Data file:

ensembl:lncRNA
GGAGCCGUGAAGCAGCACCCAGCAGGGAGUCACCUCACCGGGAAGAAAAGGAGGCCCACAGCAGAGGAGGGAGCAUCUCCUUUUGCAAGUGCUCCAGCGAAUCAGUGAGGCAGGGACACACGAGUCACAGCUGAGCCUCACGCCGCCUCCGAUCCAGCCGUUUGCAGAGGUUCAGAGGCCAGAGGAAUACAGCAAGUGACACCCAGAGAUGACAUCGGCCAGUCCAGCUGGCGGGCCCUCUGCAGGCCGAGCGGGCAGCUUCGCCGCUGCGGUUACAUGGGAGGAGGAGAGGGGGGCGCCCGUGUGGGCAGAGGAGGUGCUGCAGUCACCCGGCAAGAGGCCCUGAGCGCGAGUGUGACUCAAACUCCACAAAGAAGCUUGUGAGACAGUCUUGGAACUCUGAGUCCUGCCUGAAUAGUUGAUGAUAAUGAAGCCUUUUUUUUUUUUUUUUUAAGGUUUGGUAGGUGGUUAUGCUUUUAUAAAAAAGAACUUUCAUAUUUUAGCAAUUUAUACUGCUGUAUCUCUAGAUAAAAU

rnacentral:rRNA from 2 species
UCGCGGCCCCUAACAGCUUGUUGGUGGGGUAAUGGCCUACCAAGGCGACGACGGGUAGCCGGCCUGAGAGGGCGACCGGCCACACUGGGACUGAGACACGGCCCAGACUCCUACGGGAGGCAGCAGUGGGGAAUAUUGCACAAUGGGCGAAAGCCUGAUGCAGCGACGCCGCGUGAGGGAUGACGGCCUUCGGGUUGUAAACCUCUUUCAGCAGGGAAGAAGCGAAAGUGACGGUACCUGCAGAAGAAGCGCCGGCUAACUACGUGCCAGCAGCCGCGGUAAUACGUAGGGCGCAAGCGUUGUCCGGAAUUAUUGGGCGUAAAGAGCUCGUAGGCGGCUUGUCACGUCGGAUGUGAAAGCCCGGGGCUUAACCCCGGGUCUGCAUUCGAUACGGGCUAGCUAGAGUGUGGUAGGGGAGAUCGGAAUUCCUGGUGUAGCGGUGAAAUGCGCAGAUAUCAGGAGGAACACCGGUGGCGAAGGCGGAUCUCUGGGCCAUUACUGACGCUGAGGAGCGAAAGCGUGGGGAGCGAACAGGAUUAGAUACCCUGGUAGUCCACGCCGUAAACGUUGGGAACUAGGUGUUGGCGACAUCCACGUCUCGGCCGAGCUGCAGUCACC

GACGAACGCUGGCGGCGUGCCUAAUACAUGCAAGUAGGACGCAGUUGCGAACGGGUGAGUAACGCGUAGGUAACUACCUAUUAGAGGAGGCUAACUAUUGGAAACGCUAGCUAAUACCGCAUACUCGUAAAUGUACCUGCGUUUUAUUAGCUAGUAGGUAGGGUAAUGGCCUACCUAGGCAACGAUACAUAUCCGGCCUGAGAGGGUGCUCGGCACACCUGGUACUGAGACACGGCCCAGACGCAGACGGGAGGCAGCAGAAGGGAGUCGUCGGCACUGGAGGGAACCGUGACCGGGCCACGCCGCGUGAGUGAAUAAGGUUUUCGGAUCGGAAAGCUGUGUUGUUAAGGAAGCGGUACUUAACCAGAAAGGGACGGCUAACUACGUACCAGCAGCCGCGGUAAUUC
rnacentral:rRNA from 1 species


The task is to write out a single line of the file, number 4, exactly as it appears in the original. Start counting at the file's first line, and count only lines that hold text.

UCGCGGCCCCUAACAGCUUGUUGGUGGGGUAAUGGCCUACCAAGGCGACGACGGGUAGCCGGCCUGAGAGGGCGACCGGCCACACUGGGACUGAGACACGGCCCAGACUCCUACGGGAGGCAGCAGUGGGGAAUAUUGCACAAUGGGCGAAAGCCUGAUGCAGCGACGCCGCGUGAGGGAUGACGGCCUUCGGGUUGUAAACCUCUUUCAGCAGGGAAGAAGCGAAAGUGACGGUACCUGCAGAAGAAGCGCCGGCUAACUACGUGCCAGCAGCCGCGGUAAUACGUAGGGCGCAAGCGUUGUCCGGAAUUAUUGGGCGUAAAGAGCUCGUAGGCGGCUUGUCACGUCGGAUGUGAAAGCCCGGGGCUUAACCCCGGGUCUGCAUUCGAUACGGGCUAGCUAGAGUGUGGUAGGGGAGAUCGGAAUUCCUGGUGUAGCGGUGAAAUGCGCAGAUAUCAGGAGGAACACCGGUGGCGAAGGCGGAUCUCUGGGCCAUUACUGACGCUGAGGAGCGAAAGCGUGGGGAGCGAACAGGAUUAGAUACCCUGGUAGUCCACGCCGUAAACGUUGGGAACUAGGUGUUGGCGACAUCCACGUCUCGGCCGAGCUGCAGUCACC